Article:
11 Comments

  1. Most of your article I can follow and agree with.
    However the second from last paragraph on a Gender Recognition Certificate is a bit confusing. In the UK a GRC is given on the basis of a diagnosis.  After transition a new birth certificate is issued which is exactly identical to the original.  The original is kept and can only be accessed by an order of the court to a small number of legally defined bodies.  Therefore for the rest of that persons natural life their gender is legally idefined as the adopted gender shown on their new birth certificate and their death certificate will automatically follow the same rule. i.e the adopted gender will be used.
    ”  While I can see the need for a certificate with the previous name, without amending the birth records the individual will still be recorded by their biological gender, not their identified gender.”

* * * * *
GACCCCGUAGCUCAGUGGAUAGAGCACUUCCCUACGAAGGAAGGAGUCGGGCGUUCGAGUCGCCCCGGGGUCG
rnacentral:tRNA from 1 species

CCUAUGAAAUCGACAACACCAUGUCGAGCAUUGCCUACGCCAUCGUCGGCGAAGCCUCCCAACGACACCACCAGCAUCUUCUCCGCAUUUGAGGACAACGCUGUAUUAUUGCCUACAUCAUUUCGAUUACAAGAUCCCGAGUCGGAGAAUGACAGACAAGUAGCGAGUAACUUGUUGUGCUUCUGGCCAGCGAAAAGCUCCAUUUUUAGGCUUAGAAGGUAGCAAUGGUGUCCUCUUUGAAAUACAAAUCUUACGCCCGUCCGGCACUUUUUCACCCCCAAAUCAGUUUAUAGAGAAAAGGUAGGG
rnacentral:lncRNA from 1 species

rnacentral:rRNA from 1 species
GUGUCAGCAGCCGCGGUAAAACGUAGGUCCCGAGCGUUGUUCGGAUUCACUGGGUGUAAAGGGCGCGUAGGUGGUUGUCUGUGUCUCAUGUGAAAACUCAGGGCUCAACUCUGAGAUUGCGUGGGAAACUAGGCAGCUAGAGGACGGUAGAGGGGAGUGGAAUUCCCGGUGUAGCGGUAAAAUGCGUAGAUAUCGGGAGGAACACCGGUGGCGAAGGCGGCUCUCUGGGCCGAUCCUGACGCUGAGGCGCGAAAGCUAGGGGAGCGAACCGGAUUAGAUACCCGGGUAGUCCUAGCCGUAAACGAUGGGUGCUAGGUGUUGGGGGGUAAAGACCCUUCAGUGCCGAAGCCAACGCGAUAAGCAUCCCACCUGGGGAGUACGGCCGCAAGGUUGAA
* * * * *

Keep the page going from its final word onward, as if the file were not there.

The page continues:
Their identified gender/biological gender  will be recognised in the GRC and this is an interim  measure.  It has no purpose as it will out someone if it is ever used.  However, there is a need to identify individuals who do not have full SRS immediately, as that can take from a few months to a few years, so the onus is very much on the individual to complete the process.  Where that cannot be done for medical reasons, an interim GRC is the only thing that can be issued. If someone does not have full SRS they are stuck with the GRC only which is not ideal at all.
    See
    http://www.pfc.org.uk/node/294

  2. akemi-cat

    Louise, thank you for your comment. I have to say that I was unaware of the UK legislation requiring the Register General to mark the original birth entry to show that this has now been superseeded by the GRC, so thank you for bringing this to my attention.